The physical risks of climate change are severe. The complexity of transition risks demands governments, the private sector, civil society, and the international community to anticipate the foreseeable long-term negative impacts and to start building a low-carbon economy that is more resilient and adapted to future challenges. The government has an essential role to play in aligning incentives and expectations, creating an environment conducive to sustainable action among the private sector and financial market players. And the growing discipline in the private sector to consider and price environmental risks, including systemic risks, should strengthen the commitment to governance, social, and environmental objectives.

The post-COVID-19 economic recovery offers significant opportunities to promote a low-carbon and sustainable economy, at a time where the world is undergoing relevant and rapid changes in capital and labor markets. Beyond the volume of public spending, the long-term impact of fiscal action will stem from the choice of how this spending will be carried out, stimulating actions that leverage the country's comparative advantages, and contribute to the long-term productivity of the economy and job creation.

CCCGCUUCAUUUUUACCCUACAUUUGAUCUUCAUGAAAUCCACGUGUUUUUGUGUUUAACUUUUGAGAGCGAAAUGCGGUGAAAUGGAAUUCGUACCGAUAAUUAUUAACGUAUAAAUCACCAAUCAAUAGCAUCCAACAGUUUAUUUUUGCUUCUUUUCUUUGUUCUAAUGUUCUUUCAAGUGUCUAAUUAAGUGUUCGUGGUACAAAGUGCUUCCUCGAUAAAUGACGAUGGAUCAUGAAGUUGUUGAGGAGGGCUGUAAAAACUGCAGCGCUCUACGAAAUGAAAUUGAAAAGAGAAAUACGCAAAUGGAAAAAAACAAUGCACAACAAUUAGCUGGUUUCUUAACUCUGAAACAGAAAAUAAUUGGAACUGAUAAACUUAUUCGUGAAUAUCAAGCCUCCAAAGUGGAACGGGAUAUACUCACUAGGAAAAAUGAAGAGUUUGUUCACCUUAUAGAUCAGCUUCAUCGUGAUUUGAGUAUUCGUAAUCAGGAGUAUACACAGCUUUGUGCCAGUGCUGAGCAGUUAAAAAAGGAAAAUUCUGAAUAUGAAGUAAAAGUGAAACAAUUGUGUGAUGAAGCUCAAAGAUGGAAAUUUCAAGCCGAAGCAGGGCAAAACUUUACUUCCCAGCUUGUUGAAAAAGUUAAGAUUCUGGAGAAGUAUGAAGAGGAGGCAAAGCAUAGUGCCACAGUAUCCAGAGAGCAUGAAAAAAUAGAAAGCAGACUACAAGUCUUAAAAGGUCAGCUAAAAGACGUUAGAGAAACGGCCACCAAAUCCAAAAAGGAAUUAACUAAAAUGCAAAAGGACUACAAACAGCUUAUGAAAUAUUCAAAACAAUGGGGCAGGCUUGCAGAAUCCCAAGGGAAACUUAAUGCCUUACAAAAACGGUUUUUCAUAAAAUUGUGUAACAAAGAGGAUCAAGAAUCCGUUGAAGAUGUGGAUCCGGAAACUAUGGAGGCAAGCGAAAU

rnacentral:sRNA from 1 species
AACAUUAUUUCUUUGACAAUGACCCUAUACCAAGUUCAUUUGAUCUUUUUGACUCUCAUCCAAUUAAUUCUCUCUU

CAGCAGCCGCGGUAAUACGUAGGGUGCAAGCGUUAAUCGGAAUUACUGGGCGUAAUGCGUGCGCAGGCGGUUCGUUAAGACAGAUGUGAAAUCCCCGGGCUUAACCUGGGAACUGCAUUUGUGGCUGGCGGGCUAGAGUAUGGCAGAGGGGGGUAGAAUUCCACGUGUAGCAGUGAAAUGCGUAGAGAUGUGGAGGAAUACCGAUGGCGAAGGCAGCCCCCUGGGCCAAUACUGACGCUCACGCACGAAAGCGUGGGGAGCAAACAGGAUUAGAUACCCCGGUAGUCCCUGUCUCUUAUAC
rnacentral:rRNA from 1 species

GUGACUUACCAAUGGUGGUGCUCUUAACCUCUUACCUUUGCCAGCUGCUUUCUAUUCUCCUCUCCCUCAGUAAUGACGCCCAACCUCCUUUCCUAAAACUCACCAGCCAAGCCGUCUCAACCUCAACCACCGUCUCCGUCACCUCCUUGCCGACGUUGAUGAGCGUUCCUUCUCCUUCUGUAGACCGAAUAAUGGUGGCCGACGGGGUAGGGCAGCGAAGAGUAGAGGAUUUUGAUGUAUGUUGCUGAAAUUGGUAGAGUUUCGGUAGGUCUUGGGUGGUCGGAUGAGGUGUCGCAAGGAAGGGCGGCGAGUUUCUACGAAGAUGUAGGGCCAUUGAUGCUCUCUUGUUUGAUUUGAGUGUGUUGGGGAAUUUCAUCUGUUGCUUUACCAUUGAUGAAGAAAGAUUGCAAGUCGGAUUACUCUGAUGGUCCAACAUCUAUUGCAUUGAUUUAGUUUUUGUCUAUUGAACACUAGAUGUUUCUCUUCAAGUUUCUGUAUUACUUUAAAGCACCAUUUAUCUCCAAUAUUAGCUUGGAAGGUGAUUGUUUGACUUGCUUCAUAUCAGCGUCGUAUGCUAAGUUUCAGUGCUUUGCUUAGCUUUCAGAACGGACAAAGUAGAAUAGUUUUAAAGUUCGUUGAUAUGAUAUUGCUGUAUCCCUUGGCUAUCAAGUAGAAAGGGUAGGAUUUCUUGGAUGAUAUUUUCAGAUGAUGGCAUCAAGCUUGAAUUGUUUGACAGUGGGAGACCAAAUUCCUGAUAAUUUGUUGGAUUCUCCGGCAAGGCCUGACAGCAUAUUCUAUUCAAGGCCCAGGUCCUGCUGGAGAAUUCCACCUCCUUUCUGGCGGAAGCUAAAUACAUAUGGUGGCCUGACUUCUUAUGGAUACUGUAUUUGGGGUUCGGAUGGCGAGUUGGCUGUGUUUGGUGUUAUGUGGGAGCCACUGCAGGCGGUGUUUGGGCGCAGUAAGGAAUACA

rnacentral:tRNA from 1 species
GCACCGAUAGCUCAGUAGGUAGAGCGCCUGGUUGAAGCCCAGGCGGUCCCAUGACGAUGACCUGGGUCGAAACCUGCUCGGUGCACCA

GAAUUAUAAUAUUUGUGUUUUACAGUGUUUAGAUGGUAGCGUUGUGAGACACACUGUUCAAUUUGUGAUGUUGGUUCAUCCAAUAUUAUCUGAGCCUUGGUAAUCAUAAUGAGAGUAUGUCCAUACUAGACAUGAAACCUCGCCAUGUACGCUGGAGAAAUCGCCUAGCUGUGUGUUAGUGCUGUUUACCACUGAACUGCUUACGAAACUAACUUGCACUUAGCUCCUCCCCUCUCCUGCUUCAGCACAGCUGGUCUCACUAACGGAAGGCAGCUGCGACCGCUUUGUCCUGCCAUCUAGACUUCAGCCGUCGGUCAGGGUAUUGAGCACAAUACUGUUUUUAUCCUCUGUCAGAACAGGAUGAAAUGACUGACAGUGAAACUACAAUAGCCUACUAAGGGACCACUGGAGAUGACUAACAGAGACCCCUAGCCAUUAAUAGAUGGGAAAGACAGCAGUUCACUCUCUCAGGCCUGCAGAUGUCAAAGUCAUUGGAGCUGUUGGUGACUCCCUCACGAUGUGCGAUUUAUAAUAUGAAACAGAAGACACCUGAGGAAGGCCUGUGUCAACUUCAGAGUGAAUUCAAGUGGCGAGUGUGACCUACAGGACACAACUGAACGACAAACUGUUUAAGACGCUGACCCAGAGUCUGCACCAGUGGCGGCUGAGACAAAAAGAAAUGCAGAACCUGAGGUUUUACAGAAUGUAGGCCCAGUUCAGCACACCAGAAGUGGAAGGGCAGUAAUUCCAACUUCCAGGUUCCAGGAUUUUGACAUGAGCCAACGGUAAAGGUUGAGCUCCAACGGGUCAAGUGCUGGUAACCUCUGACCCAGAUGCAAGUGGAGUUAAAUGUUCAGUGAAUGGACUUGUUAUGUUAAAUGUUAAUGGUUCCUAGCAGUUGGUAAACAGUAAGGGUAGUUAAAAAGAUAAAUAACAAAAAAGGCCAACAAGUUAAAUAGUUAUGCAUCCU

Brazil has evident advantages as a low-carbon economy, given the composition of its energy matrix, abundant solar radiation, vigorous agriculture with a massive production of biomass, water resources, and extensive and biodiverse forests. In light of such comparative advantages, the country has every interest in aligning itself with countries that lead the call for a carbon-neutral world economy.

For this reason, we, former Finance Ministers and former Presidents of the Central Bank of Brazil, subscribe to this document and support that Brazil's economic policy management includes criteria for reducing emissions and the stock of greenhouse gases in the atmosphere, and of resilience to the impacts of climate change. These criteria are already -- and will be progressively more -- based on technologies compatible with the increasing productivity of our economy, the creation of jobs, and the reduction of inequality in Brazil. Besides, decarbonization adds value to our economy in the long term, once it is a gradually more demanded attribute by international investors.

To this end, we would like to indicate some principles to decarbonize the Brazilian economy and, simultaneously, boost its productivity. The challenges are not trivial, but we have a clear path to follow.

1. Achieve a low-carbon economy. Public and private investments should support the transition of the Brazilian economy to a net-zero carbon emission standard, which is indispensable to stabilize the global average temperature.